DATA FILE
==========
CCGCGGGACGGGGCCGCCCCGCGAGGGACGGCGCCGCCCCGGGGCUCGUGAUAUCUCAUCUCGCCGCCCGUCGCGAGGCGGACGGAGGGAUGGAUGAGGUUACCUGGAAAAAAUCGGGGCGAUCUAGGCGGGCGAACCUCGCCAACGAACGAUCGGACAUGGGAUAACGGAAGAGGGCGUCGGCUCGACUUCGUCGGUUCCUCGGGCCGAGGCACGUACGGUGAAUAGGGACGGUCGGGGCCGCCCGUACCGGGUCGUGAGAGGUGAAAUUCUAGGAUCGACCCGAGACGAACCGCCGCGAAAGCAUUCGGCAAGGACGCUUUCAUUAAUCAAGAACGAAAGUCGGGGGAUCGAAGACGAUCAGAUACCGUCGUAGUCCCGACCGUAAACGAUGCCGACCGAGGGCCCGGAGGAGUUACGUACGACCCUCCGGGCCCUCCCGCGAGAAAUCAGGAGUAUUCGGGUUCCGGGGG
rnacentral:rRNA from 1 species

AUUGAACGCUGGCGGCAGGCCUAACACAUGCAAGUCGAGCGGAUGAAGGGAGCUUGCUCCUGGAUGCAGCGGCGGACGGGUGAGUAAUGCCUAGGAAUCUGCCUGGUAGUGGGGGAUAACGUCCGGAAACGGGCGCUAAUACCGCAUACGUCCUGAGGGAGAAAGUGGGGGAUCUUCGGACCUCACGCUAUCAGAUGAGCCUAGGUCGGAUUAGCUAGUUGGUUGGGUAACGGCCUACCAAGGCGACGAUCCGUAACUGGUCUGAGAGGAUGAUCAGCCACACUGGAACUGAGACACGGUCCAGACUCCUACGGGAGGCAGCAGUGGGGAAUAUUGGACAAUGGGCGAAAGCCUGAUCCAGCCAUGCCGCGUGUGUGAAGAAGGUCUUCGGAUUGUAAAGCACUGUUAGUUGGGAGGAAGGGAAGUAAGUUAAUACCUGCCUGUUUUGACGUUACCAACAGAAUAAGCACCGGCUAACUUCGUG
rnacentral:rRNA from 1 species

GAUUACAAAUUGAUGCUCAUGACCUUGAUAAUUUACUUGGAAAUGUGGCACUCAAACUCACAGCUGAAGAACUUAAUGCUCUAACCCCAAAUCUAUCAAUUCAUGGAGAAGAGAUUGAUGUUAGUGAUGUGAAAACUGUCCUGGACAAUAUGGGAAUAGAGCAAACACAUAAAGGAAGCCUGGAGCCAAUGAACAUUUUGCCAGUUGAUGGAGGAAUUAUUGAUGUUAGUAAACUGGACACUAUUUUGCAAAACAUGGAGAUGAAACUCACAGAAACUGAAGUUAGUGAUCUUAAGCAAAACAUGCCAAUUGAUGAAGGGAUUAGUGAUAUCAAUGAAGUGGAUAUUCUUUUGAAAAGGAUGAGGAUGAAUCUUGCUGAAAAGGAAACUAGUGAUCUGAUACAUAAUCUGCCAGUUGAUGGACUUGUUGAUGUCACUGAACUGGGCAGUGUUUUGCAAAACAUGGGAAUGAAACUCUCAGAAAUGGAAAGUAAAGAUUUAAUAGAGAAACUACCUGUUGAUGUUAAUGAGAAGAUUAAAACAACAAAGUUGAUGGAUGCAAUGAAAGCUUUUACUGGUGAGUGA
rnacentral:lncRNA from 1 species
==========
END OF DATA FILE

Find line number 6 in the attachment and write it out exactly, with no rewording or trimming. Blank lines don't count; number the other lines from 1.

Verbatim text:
rnacentral:lncRNA from 1 species